Tag Archives: music

To live is to fly

2014 was a tough year for the world. Ferguson, ISIS, Syria, Israel – havoc was unleashed on our brothers and sisters all around.

The year was an up and down one for me and mine as well. As always, the balm for my soul has been my garden and my music. The garden is dormant, as you can imagine, but music – ahh, the music is always alive.

Here is a song that soothes my ruffled heart.

To live truly is to fly.

Advertisements

New Article: The Rebirth of Country

published at AND magazine

“Q: “So what kind of music do you listen to?”

A: “Oh, I’m not picky, anything really. Except for country!”

It’s a pretty standard question, and today’s standard response.

Country music has had a long and colorful history in the psyche of the American public. Starting off in the early part of the 20th century as “hillbilly music” – a term that was later abandoned as “denigrating” – country music has developed into a form that boasts the two highest-grossing solo artists ever – Elvis Presley, who took the world by storm and emerged as number one, and Garth Brooks, the heartthrob crooner who is currently the second highest-selling solo artist in the United States.

In its various avatars – country boogie, honky tonk, bluegrass, rockabilly, and country rock – country music has garnered a group of loyal fans, many of them country-lovers for generations. However, country music has long been considered a pariah in the musical genre fraternity. Maybe it’s the association with the Deep South and pickup trucks, or perhaps it’s the rustic, lonesome sound reminiscent of expansive prairies, far from any hint of civilization. Barring those few die-hard fans, country has never really gotten a strong foothold in music fandom. Burdened with a reputation as a musical form which true music aficionados shun, country music has struggled long and hard for a chance to be part of the nationwide – and even international – mainstream music scene. Success has been elusive.

So what’s it going to take for country music to speak to today’s music-loving youth?”

Read more here.

New Album Review: How to Dress Well – Just Once EP

published at mvremix.com

Just Once is an EP recently released by How to Dress Well, the stage name of Brooklyn R&B/lo-fi artist Tom Krell. His sophomore effort, Just Once leaves much to be desired with respect to musical capability. Krell’s initial work, prior to his debut album Love Remains, was lo-fi, reminiscent of 80′s and 90′s R&B. In his latest release, Krell brings the R&B sound to a new realm, combining ethereal ambient orchestral arrangements with his usual style. The resulting soundscapes are stunning and creative – until the vocals are added in.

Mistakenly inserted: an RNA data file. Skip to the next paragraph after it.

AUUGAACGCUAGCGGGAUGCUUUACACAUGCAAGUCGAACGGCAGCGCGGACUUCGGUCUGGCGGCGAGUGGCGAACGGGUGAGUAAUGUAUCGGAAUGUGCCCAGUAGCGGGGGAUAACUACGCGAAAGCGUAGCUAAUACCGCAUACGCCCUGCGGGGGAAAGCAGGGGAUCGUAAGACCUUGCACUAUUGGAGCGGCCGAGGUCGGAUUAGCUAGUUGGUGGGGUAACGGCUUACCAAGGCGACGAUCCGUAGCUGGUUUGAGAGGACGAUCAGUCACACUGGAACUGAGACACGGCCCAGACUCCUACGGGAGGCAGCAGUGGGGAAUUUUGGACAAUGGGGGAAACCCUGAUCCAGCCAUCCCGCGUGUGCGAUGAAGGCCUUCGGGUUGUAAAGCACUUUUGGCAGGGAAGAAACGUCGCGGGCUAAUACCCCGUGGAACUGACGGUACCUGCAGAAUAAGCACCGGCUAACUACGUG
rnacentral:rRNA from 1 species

Read more here!

 

New Music Review! Lisa Jaeggi – Epic Epic

published at eburban.com

“Epic Epic, Lisa Jaeggi’s sophomore effort, is indeed epic. The Brooklyn-based singer/songwriter, describes her style as “skateboard acoustic soul”, which is probably the most accurate description. Her style has also been described as anti-folk, although her incredible story-telling abilities display how well she has captured the essence of folk – observing and responding to her environment, commenting on life as she sees it.”

Read more here!

Music Review: Philip Gibbs – The Petroleum Age

published at muzikreviews.com

The Petroleum Age
is a pleasantly simple, down to earth album, great for background summer evening listening. A past-meets-future venture blending sounds of Americana with rockabilly, Philip Gibbs’ fourth studio release will reach particularly close to the hearts of Texan listeners. Gibbs fondly recounts the stories of the fights put up by Sam Houston (“Sam Houston’s Blues”) and Stephen F. Austin (“Stephen F. Austin’s Blues”) against General Santa Anna in Texas’s fight for freedom….Although the first few tracks remain enticing and impactful, towards the middle of the album the quality begins to decline. “To Block You From My Eyes” is painful to listen to and Gibbs would do well not to model any further tracks on this one. Although the guitar work is pleasant and enjoyable, blunt and heavy vocals detract too much from it to allow for success. Around the sixth track, “In the Middle of the Evening”, the balance between a “down-home” natural style and an under produced lack of musicianship is lost, making the remainder of the album a chore to get through.